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Quantitative research: Survey

How many times in the last year have you participated in any kind of survey?
More than 10, from 5 to 10, from 1 to 5, not a single time.

Survey is one of the most popular forms of quantitative research. Why? It's cheap, it scales, it could be distributed through different mediums and it delivers comparable results.

How would you approach survey method? 

Similarly to other research methods you need to start from the problem statement.
What do you want to find out? What hypothesis do you want to validate?
If you've used a qualitative research before - you already have a hypothesis formulated and now you want to validate it with more people.

Next step would be to identify appropriate respondents. Your sample size needs to be large enough to obtain comparable and trustworthy results.  Remember that you need to have or receive permission to reach for these people. Nobody would appreciate survey from unknown company or individual.

Now it's time to design the survey. Here is a great crib sheet on how to design survey questions:

From here.

From here.

Basic rules of survey content:

  • Short and easy to complete (max. 3 min to complete)
  • Easy to understand questions
  • Comparable answers (closed questions, scales) 
  • Reasonably short
  • Clear
  • Open-ended questions only if you can't live without them (max 1) 

"Pay" for the effort or call to take an action

Filling out a survey takes effort, Be it 1 minute or 10 minutes - your respondents would always find a better way how to spend this time. Instead, they've chosen to spend time on your survey. To appreciate their effort - offer something in exchange. It could be a discount for your service, a report that not in a public access or any other thing that could be interested in your respondents. If you can't offer anything like this - just provide your respondents with a nice, big "Thank you" and a C2A on what to do next: read this blog article, go to our homepage, login to your account...etc.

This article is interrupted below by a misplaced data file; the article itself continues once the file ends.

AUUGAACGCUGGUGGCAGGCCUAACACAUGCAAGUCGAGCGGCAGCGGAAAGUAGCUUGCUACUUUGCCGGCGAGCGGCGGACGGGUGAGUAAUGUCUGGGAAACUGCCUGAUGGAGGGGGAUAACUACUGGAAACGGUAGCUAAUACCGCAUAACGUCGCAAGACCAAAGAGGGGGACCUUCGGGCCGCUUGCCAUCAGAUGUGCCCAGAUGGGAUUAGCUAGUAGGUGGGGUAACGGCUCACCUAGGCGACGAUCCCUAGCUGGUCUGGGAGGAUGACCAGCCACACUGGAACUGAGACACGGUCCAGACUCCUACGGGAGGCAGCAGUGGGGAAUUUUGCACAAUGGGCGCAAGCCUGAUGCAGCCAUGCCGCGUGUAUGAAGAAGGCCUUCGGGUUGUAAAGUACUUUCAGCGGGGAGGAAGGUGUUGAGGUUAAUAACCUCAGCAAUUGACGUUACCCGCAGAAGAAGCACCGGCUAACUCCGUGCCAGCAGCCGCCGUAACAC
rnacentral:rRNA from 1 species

Test your survey and then - test again

After you've done with designing questions - show your survey to a colleague or any other person. Ask him or her to read out questions and tell you how they understand them. You need to make sure your questions will be understood correctly by respondents. When you're sure about the language of your questions - test survey again with sample answers. Check if answers you're going to receive will contribute to the solution of a problem (see point 1).

Write intro 

If you send a link to a survey in an email or a landing page - write few lines explaining what's the purpose of the survey. Give potential respondents context and if possible - incentive to take a survey. You can use your survey as the opt-in point to recruit respondents for other types of research.

Test delivery

Send out the survey to few test addresses to check if and how it will arrive. Often surveys land in "Spam" folder. Also, check how your survey invitation email  looks in the most popular email clients and services.

Send it out

When you're happy with your survey you can send it out to the world. Most online survey tools enable you to monitor the delivery rate of your survey, response rate, bounce rate and so on. Remember not to change survey before it's complete otherwise data you'll collect will not be comparable.

Analyze results

When results are gathered you'll need to analyze them. Most survey tools would do the work for you. It will present you answers and % of respondents who chosen them. But that's you who would need to interpret the results and answer your initial problem statement. Infographic is a nice way to present survey results.

Use the knowledge

You should never make surveys for the sake of doing them. Every survey results should lead you to a set of concrete actions. You've learned that users do not rate your customer support much - fix it. Your respondents are happy with the UI of your website - cheer up your designers. Customers cannot find product documentation - follow up with them. Use the power of knowledge that you gathered with the survey to the good of your product and customers.

Mind the medium 

Think about how you will deliver your survey to respondents, how would they interact with it? Most surveys nowadays send via email. Respondent is usually asked to click on a link in the email to start the survey. What would happen if respondent will open the survey on his mobile? Tablet? Could your survey adapt to deliver the best possible experience to respondents?

Learn more about surveys:

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